Queen of thumri Girija Devi: A legend is no more

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Her paan-stained teeth were visible every time she smiled while gliding through the notes.

Girija Devi

 Girija Devi

The white hair was deceptive and the voice rang as clear as a temple bell. In the range that traversed over the octaves with tremendous ease, there was a unique metallic quality in her voice, which didn’t jar but was endowed with the character.

Girija Devi, the Hindustani classical vocalist, spoke in a pronounced lyrical lilt accent of the Banaraswalas, with all the musicality and sweetness of the Eastern UP ‘purab ang’ firmly intact.

“After all, my memories and references are from there. It is my ‘janam sth-al’ as well as ‘tapo sthal.’ (I was born here, I learned my music here),” she said.

This sweetness is carried forward in her song too, incorporating the increasingly infrequently sung hori, kajri, chaiti and tappa, forms of light classical music, as an intrinsic part of her repertoire.

Her paan-stained teeth were visible every time she smiled while gliding through the notes.

The song conjured up a picture of the happy moments of spring. A beatific expression would often light up her countenance. The picture was complete. But as far as she was concerned, the picture was incomplete. “Unless you are able to move people to tears with the sheer beauty of your music, your music is incomplete,” she would say. “Even now I feel I should take a break from the rat race and do more ‘riyaz’ to achieve it.”

Even as she wished to improve her music, it was evident that it was her only occupation. “Even when I wanted to cry, I would dissolve my pain and tears in song. Music and life cannot be ‘betaal,’ or out of sync.” Girija Devi’s eyes flashed just like the big diamonds in her ears and nose.

“I do not want to sing and grab centre stage when I cannot sing the notes properly. But sometimes I feel it is all so pointless. It’s better to teach just a few students and pass on the baton. Till I have the strength, I can hone their skill to perfection. What is the point of teaching when you have no voice left and cannot even demonstrate correctly? The idea is to pass on the treasure while one can still show the way. If one can discover the old compositions and sing them, let alone create anew, it would be enough,” she had said in her inimitable practicality. She wanted to leave behind an impressive line up of shishyas.

“Maybe the pressure of work is too much, preventing them from totally immersing themselves in it. These days they need academic as well as musical qualifications. If something happens to their voice, at least they can do something and not starve. But I feel they should stay away from performing too soon. They may impress but it has become more like a flash in the pan,” she said. Her own treasure or ‘punji’ did not come to her from her genes.

“How many poets were there in Meera Bai’s family or for that matter how many heroines in Laxmi Bai’s family?” she asked. For her own part, Girija Devi, had to pick each note with great effort and years of practice. Not born into a family of musicians, the music bug bit her early and her farmer father made sure that his daughter receives good training from the likes of Pandit Sarju Prasad Mishra. “My gurus used to inculcate a sense of pride in excelling in ten ragas rather than running after a hundred. My elder sister used to sit for hours with me to help me with my riyaz.” Years later, her husband encouraged her to perform and sing.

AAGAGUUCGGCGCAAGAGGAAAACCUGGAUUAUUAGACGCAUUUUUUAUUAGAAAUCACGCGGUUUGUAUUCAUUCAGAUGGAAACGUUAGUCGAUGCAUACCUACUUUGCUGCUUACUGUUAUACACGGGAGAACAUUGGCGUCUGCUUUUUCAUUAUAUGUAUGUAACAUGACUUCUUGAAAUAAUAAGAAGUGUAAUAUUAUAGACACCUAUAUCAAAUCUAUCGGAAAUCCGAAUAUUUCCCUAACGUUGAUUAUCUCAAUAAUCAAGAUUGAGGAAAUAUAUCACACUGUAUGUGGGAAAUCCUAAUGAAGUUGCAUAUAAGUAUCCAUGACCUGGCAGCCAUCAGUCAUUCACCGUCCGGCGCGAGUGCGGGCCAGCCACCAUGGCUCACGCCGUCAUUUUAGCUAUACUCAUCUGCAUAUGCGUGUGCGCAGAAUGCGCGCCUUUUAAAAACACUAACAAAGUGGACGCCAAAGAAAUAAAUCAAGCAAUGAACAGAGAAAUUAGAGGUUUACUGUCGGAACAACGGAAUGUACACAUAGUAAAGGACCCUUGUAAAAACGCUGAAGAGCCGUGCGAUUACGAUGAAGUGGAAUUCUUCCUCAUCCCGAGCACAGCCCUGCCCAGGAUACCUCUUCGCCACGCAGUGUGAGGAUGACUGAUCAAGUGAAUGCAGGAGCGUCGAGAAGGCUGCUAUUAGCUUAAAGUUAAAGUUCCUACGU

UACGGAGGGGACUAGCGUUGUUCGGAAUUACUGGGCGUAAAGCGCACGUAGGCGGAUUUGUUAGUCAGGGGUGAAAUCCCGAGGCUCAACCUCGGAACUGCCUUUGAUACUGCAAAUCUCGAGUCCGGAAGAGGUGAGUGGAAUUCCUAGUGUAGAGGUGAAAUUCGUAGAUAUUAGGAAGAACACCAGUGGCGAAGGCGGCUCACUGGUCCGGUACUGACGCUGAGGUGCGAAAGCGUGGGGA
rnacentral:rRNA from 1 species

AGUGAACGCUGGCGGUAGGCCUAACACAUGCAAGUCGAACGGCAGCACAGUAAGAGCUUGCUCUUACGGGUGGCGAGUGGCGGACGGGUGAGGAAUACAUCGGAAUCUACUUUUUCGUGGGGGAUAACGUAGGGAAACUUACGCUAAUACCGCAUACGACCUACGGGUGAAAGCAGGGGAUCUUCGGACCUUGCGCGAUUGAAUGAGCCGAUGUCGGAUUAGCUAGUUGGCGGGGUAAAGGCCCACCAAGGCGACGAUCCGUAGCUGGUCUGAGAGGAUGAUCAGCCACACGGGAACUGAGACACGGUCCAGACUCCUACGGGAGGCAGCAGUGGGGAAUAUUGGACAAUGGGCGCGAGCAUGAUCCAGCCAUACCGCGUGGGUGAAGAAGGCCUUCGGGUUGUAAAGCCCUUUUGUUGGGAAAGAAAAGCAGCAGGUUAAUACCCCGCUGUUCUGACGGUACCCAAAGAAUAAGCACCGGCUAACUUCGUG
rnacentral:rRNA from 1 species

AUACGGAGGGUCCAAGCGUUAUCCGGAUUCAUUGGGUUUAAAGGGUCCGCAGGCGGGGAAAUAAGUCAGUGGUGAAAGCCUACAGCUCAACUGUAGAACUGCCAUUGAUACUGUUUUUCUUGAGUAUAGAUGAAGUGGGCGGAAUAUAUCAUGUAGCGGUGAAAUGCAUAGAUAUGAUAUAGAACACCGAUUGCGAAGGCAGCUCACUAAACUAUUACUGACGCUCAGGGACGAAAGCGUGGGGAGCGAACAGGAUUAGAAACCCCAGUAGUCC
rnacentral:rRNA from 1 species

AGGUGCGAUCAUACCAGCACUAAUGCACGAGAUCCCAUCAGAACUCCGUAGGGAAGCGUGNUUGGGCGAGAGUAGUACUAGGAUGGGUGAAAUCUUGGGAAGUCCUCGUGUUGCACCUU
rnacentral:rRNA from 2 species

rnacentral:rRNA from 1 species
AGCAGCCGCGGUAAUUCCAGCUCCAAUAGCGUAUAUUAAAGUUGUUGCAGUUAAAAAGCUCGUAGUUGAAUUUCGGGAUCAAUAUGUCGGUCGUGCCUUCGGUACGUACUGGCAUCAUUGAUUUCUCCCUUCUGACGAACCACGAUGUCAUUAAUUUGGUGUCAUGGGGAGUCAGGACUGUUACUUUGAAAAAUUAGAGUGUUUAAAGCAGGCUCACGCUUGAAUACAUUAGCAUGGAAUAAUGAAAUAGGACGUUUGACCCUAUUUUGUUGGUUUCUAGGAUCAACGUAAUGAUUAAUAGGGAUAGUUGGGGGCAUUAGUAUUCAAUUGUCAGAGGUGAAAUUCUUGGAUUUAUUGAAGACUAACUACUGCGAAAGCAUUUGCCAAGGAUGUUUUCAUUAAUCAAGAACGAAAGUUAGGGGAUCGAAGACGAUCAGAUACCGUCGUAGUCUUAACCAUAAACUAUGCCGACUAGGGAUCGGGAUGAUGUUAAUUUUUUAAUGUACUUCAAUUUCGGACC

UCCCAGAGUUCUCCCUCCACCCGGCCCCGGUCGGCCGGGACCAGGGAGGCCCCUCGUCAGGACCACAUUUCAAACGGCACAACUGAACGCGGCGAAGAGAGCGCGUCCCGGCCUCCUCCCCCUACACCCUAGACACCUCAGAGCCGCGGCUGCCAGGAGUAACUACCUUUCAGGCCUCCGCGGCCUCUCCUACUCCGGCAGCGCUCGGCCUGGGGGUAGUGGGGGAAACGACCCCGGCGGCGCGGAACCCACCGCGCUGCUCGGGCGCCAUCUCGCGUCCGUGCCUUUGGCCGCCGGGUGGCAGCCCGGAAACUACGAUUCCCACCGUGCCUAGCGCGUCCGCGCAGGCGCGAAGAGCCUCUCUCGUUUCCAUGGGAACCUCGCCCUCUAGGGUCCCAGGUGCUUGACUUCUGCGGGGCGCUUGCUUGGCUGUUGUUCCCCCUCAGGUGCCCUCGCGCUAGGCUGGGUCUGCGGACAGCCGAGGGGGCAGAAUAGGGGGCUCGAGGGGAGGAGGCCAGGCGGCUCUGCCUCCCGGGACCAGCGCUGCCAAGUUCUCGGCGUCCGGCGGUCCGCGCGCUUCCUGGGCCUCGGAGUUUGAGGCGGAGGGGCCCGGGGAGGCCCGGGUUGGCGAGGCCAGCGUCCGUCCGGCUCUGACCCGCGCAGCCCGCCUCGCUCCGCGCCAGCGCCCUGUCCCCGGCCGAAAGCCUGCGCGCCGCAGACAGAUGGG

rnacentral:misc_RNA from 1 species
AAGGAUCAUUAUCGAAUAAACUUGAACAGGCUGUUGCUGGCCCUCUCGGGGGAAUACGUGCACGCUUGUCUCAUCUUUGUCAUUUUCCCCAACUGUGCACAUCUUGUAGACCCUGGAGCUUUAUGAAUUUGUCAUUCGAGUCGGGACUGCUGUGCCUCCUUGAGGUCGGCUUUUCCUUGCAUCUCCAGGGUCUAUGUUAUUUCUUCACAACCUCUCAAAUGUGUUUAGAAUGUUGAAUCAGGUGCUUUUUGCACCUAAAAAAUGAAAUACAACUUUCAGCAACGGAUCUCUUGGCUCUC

“He was a well-off man and was against my accepting money for concerts… But I was adamant. I said even if I throw the money into the Ganga, I will not sing without payment. My logic was that it cuts into the payment and opportunity of other musicians if I sing for free. So he refused to accompany me on my concert tours.” This is not to say that music was her only interest. Her love for dolls was almost legendary, which is evident from her collection. She loves to cook and feed people. She learnt horse-riding, swimming, badminton, and cards to please her husband. But Appaji, a name given to her by her nephew, which stuck, didn’t indulge in all these things. “It is like wearing a bikini at this age!” she laughed.

For a classical singer, any other kind of music is usually anathema. Girija Devi was no different.  “Ghazal, qawwali, film music, disco and pop are all fine but like after eating spicy chaat for a few days, you long for plain dal-roti, so is it with classical music. Any music without a strong base can dazzle for a few days, but then it begins to pall. Any singing that is not versatile cannot sustain itself, or for that matter, audience interest,” she said.

That was a problem that she did not face. Her spellbinding thumris, did not distract this deeply religious singer from worshipping Shiva and doing the severe penance of the ‘panch mahadev parikrama’ every Monday. More importantly, her extended repertoire of other forms of light classical music tappas, kajri, hori and chaiti endeared her to newer audiences and firmly sustained the older ones.

It was Holi, the festival of colours, when I met her. She was deeply missing Banaras. The Uttar Pradesh tradition which was deeply rooted in her was evident when she candidly said, “Angrezi mein to na phool baraste hain, na paani chalakta hain baithe rahiya sukhe”.  (The flowers do not come down in cascades, neither does water out of pitchers with the same lyricism. The inadequacies, may I add, are all mine.)

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